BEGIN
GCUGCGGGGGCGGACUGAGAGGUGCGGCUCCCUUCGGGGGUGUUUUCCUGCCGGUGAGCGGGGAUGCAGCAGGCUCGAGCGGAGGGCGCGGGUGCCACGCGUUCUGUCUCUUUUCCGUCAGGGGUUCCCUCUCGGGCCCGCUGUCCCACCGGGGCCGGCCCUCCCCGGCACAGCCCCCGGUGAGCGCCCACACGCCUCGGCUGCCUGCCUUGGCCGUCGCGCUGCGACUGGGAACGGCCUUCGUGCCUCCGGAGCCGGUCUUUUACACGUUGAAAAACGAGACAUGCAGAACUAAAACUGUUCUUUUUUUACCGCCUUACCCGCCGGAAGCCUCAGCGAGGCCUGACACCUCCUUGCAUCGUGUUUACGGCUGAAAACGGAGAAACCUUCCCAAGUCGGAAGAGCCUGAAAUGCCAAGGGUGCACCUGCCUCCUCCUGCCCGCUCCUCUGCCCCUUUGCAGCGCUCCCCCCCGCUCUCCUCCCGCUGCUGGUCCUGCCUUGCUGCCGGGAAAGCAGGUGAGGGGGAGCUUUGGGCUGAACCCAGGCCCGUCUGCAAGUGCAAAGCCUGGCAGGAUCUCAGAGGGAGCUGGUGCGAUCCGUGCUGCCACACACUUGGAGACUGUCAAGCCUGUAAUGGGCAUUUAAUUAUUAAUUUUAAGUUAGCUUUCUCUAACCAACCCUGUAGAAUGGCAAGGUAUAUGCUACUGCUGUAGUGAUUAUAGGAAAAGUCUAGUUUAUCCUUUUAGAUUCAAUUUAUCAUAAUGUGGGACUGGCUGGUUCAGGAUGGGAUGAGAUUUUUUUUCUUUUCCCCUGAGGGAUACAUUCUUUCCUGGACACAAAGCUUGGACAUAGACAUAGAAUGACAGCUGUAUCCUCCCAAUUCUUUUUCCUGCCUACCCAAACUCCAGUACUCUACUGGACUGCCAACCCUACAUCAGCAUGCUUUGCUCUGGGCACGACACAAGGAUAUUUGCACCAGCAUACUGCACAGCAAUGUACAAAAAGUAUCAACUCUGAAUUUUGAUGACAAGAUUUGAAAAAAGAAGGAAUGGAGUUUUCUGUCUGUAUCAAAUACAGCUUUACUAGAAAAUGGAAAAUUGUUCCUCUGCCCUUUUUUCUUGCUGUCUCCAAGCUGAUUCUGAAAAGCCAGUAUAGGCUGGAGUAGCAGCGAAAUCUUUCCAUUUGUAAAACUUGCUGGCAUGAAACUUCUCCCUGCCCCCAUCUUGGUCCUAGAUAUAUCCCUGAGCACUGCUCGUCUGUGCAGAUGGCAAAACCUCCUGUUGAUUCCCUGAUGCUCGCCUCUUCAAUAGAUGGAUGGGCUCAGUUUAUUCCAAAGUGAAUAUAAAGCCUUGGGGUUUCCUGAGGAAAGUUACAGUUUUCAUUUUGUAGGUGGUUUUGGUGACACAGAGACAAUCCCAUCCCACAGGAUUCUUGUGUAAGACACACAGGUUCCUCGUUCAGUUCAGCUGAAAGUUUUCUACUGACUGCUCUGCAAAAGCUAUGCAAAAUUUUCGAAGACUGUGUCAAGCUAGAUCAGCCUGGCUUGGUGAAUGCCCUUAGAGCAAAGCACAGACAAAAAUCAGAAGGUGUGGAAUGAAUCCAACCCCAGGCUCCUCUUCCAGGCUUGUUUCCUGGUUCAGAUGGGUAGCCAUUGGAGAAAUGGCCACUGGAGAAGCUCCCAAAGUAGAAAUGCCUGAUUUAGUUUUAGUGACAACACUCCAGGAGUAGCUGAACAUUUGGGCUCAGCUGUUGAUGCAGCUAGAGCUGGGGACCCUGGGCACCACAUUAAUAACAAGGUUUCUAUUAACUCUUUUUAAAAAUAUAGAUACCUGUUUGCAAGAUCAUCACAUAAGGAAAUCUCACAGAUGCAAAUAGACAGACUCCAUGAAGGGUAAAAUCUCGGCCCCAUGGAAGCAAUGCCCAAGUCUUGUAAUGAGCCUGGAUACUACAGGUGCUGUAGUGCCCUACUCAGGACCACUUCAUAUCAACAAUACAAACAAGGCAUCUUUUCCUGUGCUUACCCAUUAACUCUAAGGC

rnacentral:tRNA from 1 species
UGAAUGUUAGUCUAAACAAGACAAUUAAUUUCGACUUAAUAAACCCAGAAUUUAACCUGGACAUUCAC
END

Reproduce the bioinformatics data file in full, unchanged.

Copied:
GCUGCGGGGGCGGACUGAGAGGUGCGGCUCCCUUCGGGGGUGUUUUCCUGCCGGUGAGCGGGGAUGCAGCAGGCUCGAGCGGAGGGCGCGGGUGCCACGCGUUCUGUCUCUUUUCCGUCAGGGGUUCCCUCUCGGGCCCGCUGUCCCACCGGGGCCGGCCCUCCCCGGCACAGCCCCCGGUGAGCGCCCACACGCCUCGGCUGCCUGCCUUGGCCGUCGCGCUGCGACUGGGAACGGCCUUCGUGCCUCCGGAGCCGGUCUUUUACACGUUGAAAAACGAGACAUGCAGAACUAAAACUGUUCUUUUUUUACCGCCUUACCCGCCGGAAGCCUCAGCGAGGCCUGACACCUCCUUGCAUCGUGUUUACGGCUGAAAACGGAGAAACCUUCCCAAGUCGGAAGAGCCUGAAAUGCCAAGGGUGCACCUGCCUCCUCCUGCCCGCUCCUCUGCCCCUUUGCAGCGCUCCCCCCCGCUCUCCUCCCGCUGCUGGUCCUGCCUUGCUGCCGGGAAAGCAGGUGAGGGGGAGCUUUGGGCUGAACCCAGGCCCGUCUGCAAGUGCAAAGCCUGGCAGGAUCUCAGAGGGAGCUGGUGCGAUCCGUGCUGCCACACACUUGGAGACUGUCAAGCCUGUAAUGGGCAUUUAAUUAUUAAUUUUAAGUUAGCUUUCUCUAACCAACCCUGUAGAAUGGCAAGGUAUAUGCUACUGCUGUAGUGAUUAUAGGAAAAGUCUAGUUUAUCCUUUUAGAUUCAAUUUAUCAUAAUGUGGGACUGGCUGGUUCAGGAUGGGAUGAGAUUUUUUUUCUUUUCCCCUGAGGGAUACAUUCUUUCCUGGACACAAAGCUUGGACAUAGACAUAGAAUGACAGCUGUAUCCUCCCAAUUCUUUUUCCUGCCUACCCAAACUCCAGUACUCUACUGGACUGCCAACCCUACAUCAGCAUGCUUUGCUCUGGGCACGACACAAGGAUAUUUGCACCAGCAUACUGCACAGCAAUGUACAAAAAGUAUCAACUCUGAAUUUUGAUGACAAGAUUUGAAAAAAGAAGGAAUGGAGUUUUCUGUCUGUAUCAAAUACAGCUUUACUAGAAAAUGGAAAAUUGUUCCUCUGCCCUUUUUUCUUGCUGUCUCCAAGCUGAUUCUGAAAAGCCAGUAUAGGCUGGAGUAGCAGCGAAAUCUUUCCAUUUGUAAAACUUGCUGGCAUGAAACUUCUCCCUGCCCCCAUCUUGGUCCUAGAUAUAUCCCUGAGCACUGCUCGUCUGUGCAGAUGGCAAAACCUCCUGUUGAUUCCCUGAUGCUCGCCUCUUCAAUAGAUGGAUGGGCUCAGUUUAUUCCAAAGUGAAUAUAAAGCCUUGGGGUUUCCUGAGGAAAGUUACAGUUUUCAUUUUGUAGGUGGUUUUGGUGACACAGAGACAAUCCCAUCCCACAGGAUUCUUGUGUAAGACACACAGGUUCCUCGUUCAGUUCAGCUGAAAGUUUUCUACUGACUGCUCUGCAAAAGCUAUGCAAAAUUUUCGAAGACUGUGUCAAGCUAGAUCAGCCUGGCUUGGUGAAUGCCCUUAGAGCAAAGCACAGACAAAAAUCAGAAGGUGUGGAAUGAAUCCAACCCCAGGCUCCUCUUCCAGGCUUGUUUCCUGGUUCAGAUGGGUAGCCAUUGGAGAAAUGGCCACUGGAGAAGCUCCCAAAGUAGAAAUGCCUGAUUUAGUUUUAGUGACAACACUCCAGGAGUAGCUGAACAUUUGGGCUCAGCUGUUGAUGCAGCUAGAGCUGGGGACCCUGGGCACCACAUUAAUAACAAGGUUUCUAUUAACUCUUUUUAAAAAUAUAGAUACCUGUUUGCAAGAUCAUCACAUAAGGAAAUCUCACAGAUGCAAAUAGACAGACUCCAUGAAGGGUAAAAUCUCGGCCCCAUGGAAGCAAUGCCCAAGUCUUGUAAUGAGCCUGGAUACUACAGGUGCUGUAGUGCCCUACUCAGGACCACUUCAUAUCAACAAUACAAACAAGGCAUCUUUUCCUGUGCUUACCCAUUAACUCUAAGGC

rnacentral:tRNA from 1 species
UGAAUGUUAGUCUAAACAAGACAAUUAAUUUCGACUUAAUAAACCCAGAAUUUAACCUGGACAUUCAC